Racism, Hate, And Bigotry Are Not Mental Health Disorders
Hate crimes are, unfortunately, common. In fact, the act — which involves attacking, discriminating, and/or intimidating individuals of different races, sexual orientations, or religions — occurs on a fairly regular basis. According to a report from the United States Department of Justice, there were 7,314 hate crime incidents in 2019 involving 8,559 offenses. This means thousands of individuals were killed or persecuted for simply being and breathing. For living their life. And this is NOT okay.
There is no room in our society for bigotry, misogyny, sexism, racism, or homophobia. Hating people because they are “different” is ignorant, at best. But it’s also time we start separating mental illness from cruelty, brutality, and terrorism. It’s time we stop blaming hate crimes on mental illness, because depression doesn’t make people vicious or vile.
Racism, hate, and bigotry are not mental health disorders.
Now I know what you’re thinking, or — at the very least — what some of you are thinking: How? Why? Violence and mental instability (seemingly) go hand in hand. I mean, “normal” people don’t attack others. They don’t hurt others, and they certainly don’t go shooting up schools or massage parlors. A savage machete attack or a seemingly random burst of deadly gunfire on a city street or the subway is clearly not the behavior of someone “thinking straight.” But in blaming mental illness, we chastise those who are mentally ill — perpetuating stereotypes and using vulnerable individuals as a scapegoat. We also disregard criminal behavior.
Just because we do not understand a criminal’s mind does not mean it is a “sick” mind. It does not mean that it is a “psychotic/schizophrenic/bipolar” mind. It is a criminal’s mind, through and through. And we need to acknowledge that. While some may exhibit “psychiatric or psychological symptoms… there are a lot of other factors that aren’t linked to mental illness that are equally predictive if not more predictive [of criminal behavior or violence, including] access to firearms, substance use or abuse, and past history of violence or arrests,” Jonathan Metz, a professor of psychiatry, sociology, and medicine, health, and society at Vanderbilt University, tells Vox. Domestic abuse is also a common predictor of one’s behavior, as is hate itself.
“Hate crimes are an extreme form of prejudice,” the American Psychological Association explains, “made more likely in the context of social and political change. Public and political discourse may devalue members of unfamiliar groups, and offenders may feel that their livelihood or way of life is threatened by demographic changes. Offenders may not be motivated by hate, but rather by fear, ignorance or anger. These can lead to dehumanization of unfamiliar groups and to targeted aggression.”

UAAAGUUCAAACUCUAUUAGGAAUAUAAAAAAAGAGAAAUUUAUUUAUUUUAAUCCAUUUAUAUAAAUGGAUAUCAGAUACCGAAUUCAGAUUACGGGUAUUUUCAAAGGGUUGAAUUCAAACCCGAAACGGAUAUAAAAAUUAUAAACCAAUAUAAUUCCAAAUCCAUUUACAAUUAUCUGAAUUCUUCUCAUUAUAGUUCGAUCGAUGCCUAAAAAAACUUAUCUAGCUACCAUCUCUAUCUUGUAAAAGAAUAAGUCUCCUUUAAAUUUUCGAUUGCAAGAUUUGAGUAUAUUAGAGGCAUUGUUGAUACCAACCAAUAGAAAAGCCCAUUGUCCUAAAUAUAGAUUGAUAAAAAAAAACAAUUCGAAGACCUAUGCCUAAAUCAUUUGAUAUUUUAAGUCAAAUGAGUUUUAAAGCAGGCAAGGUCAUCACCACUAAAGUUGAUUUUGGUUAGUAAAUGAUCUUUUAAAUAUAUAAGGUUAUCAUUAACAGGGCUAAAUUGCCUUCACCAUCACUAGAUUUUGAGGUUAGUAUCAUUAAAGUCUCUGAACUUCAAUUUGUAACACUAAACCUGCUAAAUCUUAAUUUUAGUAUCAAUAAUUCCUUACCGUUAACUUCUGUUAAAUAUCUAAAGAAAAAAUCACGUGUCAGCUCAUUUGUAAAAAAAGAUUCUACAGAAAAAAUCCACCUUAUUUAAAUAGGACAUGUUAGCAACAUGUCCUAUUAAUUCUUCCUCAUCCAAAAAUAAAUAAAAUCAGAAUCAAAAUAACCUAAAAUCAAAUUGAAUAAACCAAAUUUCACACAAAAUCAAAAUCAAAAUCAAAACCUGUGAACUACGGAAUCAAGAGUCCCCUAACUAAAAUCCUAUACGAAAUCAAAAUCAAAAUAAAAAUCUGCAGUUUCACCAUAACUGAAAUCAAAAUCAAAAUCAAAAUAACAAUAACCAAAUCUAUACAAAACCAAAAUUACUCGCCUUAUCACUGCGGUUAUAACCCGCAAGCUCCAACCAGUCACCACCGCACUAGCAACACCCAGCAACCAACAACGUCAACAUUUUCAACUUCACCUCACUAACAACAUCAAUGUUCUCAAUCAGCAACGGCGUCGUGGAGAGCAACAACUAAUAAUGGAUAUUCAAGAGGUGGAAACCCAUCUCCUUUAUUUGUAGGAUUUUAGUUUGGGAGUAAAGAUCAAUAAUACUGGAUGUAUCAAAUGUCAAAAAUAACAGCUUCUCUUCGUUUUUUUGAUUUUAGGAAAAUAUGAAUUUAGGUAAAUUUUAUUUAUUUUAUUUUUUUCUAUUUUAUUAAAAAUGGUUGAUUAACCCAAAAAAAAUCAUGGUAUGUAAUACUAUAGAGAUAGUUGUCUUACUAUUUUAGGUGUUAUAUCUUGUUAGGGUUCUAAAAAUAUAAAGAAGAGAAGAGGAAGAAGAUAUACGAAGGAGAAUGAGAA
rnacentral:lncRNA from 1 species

“What spurs offenders into action is rarely animosity alone,” a 2017 article on CNN added. “It’s a toxic mix of emotions, from anger to fear to indignation.”
Make no mistake: There are criminals who struggle with mental illness and who face a wide variety of mental health concerns. However, according to the U.S. Department of Health and Human Services, “the vast majority of people with mental health problems are no more likely to be violent than anyone else.” In fact, “only 3%–5% of violent acts can be attributed to individuals living with a serious mental illness.” Furthermore, “people with severe mental illnesses are over 10 times more likely to be victims of [a] violent crime than the general population.” Let me repeat that: Those with mental illness are more likely to be attacked by others than to be the attacker themselves.
What’s more, up to 18 percent of the population has had — or lives with — a mental health disorder. This means that approximately one billion people have depression, anxiety, PTSD, schizophrenia, bipolar disorder, or borderline personality disorder — people like me. I am one in a billion. And yet I do not hate people for the color of their skin, or for who they love. I do not discriminate against individuals based on their country of origin or religious beliefs, and I definitely do not want to hurt anyone. Like many individuals with mental illness, I am passive, not aggressive; an empath at heart. In short, mental health conditions do not cause disturbing, barbaric behaviors, nor do they make an individual hateful.
Research debunks that mental illness is the underlying trigger.
And yet we as a society continue to blame hate crimes and mass shootings on mental illness, regardless of the research and facts. We continue to point fingers, putting down those who are (most) in need of assistance, aid, and support. And we fail to talk about the other factors which make individuals engage in such activity. Instead of working to solve the problem — which is, again, an undercurrent of intolerance and discrimination — we turn a blind eye to it because those conversations are trying. They are challenging, awkward, and uncomfortable.
But it’s time we address the truth. It’s time we tackle these “tough” topics. And it’s time we stop defending those who engage in racist, misogynistic, and bigoted behaviors — even if their actions are seemingly benign, i.e. a rude remark here or an off-color joke there. Because the real cause of hate crimes is hate. Period. And the only way to combat hate is with humanity and empathy. It’s with (vocal) support for marginalized groups, action, and love. Lots of love.